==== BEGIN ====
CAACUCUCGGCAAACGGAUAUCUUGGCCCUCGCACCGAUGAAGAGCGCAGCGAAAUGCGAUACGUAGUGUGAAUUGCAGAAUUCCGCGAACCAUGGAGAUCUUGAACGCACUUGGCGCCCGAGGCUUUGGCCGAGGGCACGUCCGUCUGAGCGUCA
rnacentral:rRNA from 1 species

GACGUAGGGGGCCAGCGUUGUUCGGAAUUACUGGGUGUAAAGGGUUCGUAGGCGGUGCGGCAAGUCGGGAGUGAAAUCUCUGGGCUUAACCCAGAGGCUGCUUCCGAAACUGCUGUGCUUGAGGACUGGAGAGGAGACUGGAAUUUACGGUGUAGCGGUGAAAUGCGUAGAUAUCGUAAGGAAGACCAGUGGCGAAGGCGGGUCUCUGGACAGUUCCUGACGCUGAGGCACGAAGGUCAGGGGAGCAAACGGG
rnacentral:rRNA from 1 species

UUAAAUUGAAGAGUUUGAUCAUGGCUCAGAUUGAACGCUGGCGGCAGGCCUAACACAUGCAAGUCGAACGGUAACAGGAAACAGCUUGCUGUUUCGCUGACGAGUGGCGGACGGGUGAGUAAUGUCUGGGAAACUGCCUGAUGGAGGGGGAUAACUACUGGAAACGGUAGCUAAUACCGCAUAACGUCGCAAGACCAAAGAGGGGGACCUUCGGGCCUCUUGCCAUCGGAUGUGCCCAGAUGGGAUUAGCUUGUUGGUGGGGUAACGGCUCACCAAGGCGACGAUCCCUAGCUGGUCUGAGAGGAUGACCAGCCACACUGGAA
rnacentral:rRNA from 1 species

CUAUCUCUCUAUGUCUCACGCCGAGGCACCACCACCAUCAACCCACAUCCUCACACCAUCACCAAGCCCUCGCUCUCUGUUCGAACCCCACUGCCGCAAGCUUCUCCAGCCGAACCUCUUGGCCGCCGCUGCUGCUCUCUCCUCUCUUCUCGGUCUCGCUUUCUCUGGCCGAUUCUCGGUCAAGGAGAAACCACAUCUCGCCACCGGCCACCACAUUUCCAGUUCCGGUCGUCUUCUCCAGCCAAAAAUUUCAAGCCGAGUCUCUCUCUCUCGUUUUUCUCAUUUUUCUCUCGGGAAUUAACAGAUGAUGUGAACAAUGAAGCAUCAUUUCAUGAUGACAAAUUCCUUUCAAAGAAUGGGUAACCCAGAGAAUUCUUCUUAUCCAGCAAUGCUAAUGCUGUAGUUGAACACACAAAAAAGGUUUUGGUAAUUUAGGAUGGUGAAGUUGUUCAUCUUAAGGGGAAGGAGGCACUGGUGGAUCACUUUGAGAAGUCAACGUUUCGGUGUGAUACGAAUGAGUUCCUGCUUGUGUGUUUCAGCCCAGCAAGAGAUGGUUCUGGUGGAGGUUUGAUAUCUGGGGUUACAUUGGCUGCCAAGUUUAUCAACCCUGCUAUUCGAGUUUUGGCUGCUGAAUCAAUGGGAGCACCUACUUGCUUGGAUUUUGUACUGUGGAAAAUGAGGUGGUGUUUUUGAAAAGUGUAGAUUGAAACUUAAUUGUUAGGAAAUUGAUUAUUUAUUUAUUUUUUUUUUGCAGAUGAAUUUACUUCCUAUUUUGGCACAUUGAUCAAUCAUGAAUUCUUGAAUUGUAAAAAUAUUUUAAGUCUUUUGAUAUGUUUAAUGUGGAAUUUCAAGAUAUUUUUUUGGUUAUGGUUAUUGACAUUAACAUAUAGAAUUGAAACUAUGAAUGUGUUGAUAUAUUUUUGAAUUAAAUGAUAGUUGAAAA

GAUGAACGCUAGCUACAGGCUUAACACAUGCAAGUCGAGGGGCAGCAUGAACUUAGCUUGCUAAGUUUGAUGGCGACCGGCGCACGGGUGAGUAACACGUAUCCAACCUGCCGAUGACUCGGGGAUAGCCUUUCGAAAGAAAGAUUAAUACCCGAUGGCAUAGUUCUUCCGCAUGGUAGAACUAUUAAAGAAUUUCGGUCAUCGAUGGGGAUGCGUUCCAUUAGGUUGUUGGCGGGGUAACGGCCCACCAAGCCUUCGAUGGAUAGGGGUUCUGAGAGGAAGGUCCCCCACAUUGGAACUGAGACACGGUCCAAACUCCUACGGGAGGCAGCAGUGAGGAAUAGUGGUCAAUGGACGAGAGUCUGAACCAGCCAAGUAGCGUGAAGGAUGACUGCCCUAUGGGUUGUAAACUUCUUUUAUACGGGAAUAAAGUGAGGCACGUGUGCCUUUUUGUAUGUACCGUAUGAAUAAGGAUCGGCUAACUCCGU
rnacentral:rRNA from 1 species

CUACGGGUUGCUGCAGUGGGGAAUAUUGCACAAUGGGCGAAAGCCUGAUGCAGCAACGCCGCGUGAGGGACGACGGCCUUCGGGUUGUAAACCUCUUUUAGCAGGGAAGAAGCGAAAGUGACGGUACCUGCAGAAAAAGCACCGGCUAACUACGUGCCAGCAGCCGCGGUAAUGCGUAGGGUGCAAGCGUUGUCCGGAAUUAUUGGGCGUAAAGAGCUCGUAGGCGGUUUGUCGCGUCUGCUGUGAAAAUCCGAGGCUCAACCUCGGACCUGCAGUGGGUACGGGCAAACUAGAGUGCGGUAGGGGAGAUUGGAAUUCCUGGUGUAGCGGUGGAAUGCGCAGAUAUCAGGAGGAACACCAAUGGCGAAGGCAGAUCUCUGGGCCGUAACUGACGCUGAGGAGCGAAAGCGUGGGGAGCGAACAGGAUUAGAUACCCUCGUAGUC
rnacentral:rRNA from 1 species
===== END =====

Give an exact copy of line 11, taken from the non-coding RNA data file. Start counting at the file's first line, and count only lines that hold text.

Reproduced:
rnacentral:rRNA from 1 species